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Plaster
Chlorine
Liquid Chlorine
the pH of that water layer could easily reach 12.5. At that pH, and calcium in the draw water will react with the carbonate alkalinity and cause calcium scale to form. That is the stuff that starts to clog up all the tubing and the float valves. Eventually, the liquidator just needs to be taken apart so all of the excess salt and calcium scale can be removed.
Interestingly (and maybe disingenuously), the patent views the precipitation as a beneficial sequestering of that material from the pool water. Two of the claims relate to the collection and easy disposal (through the drain valve) of apparently undesirable sodium chloride.

By injecting highly chlorinated water into the filter, it is much more likely to form CC's and other halogenated chemicals because the filter is where all of the dirt and organics reside.
Is the high chlorine concentration necessary for that to happen, or does it also happen via the normal process of flowing lightly chlorinated water through the filter? I'm wondering whether I can tune the chlorine flow vs time to minimize the undesirable reactions.
 

JoyfulNoise

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May 23, 2015
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Tucson, AZ
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Interestingly (and maybe disingenuously), the patent views the precipitation as a beneficial sequestering of that material from the pool water. Two of the claims relate to the collection and easy disposal (through the drain valve) of apparently undesirable sodium chloride.


Is the high chlorine concentration necessary for that to happen, or does it also happen via the normal process of flowing lightly chlorinated water through the filter? I'm wondering whether I can tune the chlorine flow vs time to minimize the undesirable reactions.

Patents can claim whatever novelties they like, but it doesn't mean they are useful or effective. Plenty of things have been patented that are complete garbage. A patent is simply a right of intellectual property assigned to the patent holder, it says nothing about utility. In this aspect of calcium precipitation, the amount of material precipitated is likely insignificant to the total weight of calcium dissolved in the pool water OR added everyday via evaporation and refill.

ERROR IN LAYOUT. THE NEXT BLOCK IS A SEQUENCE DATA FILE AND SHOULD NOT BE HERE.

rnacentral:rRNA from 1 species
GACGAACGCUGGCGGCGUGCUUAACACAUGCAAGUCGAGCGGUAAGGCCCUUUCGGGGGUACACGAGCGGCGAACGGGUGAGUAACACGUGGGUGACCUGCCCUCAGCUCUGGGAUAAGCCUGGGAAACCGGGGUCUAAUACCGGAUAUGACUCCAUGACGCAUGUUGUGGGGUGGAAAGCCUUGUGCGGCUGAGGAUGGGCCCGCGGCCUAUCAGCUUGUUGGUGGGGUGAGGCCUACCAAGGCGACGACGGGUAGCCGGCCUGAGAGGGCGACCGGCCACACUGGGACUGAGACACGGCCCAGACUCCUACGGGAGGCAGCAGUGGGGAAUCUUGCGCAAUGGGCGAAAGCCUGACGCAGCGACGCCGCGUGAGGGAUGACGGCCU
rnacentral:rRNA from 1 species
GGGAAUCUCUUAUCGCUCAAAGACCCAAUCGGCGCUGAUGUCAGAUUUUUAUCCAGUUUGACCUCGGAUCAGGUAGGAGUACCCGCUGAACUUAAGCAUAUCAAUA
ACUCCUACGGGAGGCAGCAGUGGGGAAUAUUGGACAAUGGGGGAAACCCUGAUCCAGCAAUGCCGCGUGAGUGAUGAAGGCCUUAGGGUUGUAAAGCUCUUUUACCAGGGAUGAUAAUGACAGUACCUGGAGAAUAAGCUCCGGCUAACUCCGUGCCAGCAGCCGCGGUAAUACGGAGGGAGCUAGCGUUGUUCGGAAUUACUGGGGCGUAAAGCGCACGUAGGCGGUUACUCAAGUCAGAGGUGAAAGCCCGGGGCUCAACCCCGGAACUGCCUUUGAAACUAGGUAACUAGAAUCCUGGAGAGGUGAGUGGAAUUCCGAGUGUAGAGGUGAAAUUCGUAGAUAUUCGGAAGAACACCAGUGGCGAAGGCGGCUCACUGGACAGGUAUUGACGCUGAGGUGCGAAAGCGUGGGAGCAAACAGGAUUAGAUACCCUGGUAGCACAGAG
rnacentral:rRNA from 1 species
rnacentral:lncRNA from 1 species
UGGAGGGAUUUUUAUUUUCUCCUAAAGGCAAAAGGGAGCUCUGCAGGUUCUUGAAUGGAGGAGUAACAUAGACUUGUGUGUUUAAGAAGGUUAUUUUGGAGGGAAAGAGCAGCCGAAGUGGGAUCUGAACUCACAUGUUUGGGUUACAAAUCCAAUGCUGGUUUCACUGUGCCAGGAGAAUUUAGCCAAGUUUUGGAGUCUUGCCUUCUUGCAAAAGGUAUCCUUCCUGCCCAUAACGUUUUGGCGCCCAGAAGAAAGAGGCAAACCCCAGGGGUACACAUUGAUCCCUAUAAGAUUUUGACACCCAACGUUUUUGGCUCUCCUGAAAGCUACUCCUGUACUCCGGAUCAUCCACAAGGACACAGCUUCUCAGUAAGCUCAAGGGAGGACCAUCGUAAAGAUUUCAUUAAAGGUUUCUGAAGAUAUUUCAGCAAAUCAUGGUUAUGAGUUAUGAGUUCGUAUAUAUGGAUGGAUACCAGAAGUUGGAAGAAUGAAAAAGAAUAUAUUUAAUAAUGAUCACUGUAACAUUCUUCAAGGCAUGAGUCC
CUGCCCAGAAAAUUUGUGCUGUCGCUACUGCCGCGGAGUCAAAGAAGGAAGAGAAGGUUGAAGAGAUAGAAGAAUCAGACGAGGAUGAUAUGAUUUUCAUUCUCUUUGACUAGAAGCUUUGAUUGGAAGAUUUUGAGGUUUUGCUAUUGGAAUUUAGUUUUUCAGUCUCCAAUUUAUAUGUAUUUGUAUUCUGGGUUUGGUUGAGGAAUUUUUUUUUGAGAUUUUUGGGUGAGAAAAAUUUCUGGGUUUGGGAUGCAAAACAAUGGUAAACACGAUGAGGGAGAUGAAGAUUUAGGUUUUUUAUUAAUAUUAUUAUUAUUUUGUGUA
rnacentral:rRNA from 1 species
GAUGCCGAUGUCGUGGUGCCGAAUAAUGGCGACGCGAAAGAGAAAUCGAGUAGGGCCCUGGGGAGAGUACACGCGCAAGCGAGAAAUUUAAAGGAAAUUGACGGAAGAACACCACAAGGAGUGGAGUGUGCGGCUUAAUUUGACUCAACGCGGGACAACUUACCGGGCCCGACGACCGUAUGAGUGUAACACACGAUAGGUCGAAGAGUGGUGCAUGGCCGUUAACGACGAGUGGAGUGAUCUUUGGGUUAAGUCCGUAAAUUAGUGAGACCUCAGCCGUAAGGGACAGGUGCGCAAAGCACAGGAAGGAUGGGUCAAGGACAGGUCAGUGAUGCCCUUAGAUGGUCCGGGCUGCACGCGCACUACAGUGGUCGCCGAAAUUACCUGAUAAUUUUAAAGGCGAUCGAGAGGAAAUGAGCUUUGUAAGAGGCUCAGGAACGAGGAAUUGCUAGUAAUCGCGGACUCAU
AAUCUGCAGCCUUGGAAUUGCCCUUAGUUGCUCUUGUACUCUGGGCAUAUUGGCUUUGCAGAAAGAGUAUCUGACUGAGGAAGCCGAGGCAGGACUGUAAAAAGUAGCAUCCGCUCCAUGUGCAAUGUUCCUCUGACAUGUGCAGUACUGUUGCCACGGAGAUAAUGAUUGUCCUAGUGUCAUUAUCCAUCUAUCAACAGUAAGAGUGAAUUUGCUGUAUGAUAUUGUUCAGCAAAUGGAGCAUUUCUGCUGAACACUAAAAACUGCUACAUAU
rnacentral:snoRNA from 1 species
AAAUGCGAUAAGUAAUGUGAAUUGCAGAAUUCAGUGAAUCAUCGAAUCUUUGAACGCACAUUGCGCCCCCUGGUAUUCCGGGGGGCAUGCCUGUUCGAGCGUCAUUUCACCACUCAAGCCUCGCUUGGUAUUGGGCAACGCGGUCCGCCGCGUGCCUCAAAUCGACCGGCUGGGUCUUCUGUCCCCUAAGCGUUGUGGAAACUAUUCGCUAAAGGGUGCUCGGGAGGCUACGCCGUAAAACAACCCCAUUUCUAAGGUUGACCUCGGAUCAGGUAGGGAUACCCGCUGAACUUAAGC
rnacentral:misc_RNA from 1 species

As for CC formations, it is concentration driven. At low FC, many of the reaction rates of various noxious CC's are so low that it doesn't matter. But once you start increasing the concentration of chlorine in the water, reactions start to proceed much faster. There are CC's that are measurable on the FAS-DPD test and there are trihalomethane (THM) and disinfection by-products (DPB) compounds that are not measurable but still very dangerous. I'm reminded once of a post by a person who setup an intex pool with an SWG and let the SWG run at 100% output with no CYA in the water and covered the pool to warm it. The person then got into the pool and, within a few minutes, became very light-headed and nauseous. The measured FC was off the charts and beyond the ability of DPD test to measure (which means much more than 50ppm) and, because there was no CYA in the water, the FC was free to react with anything organic. It's likely the person was made ill by the formation of CCs and chloroform from the oils and organics on their skin.

So yeah, shooting highly chlorinated water into a filter can cause some serious issues. Whether or not they are measurable is not easily known. You could attempt to measure the FC of the outflow water from the liquidator and see if it you can dilute it to get a reasonable measurement.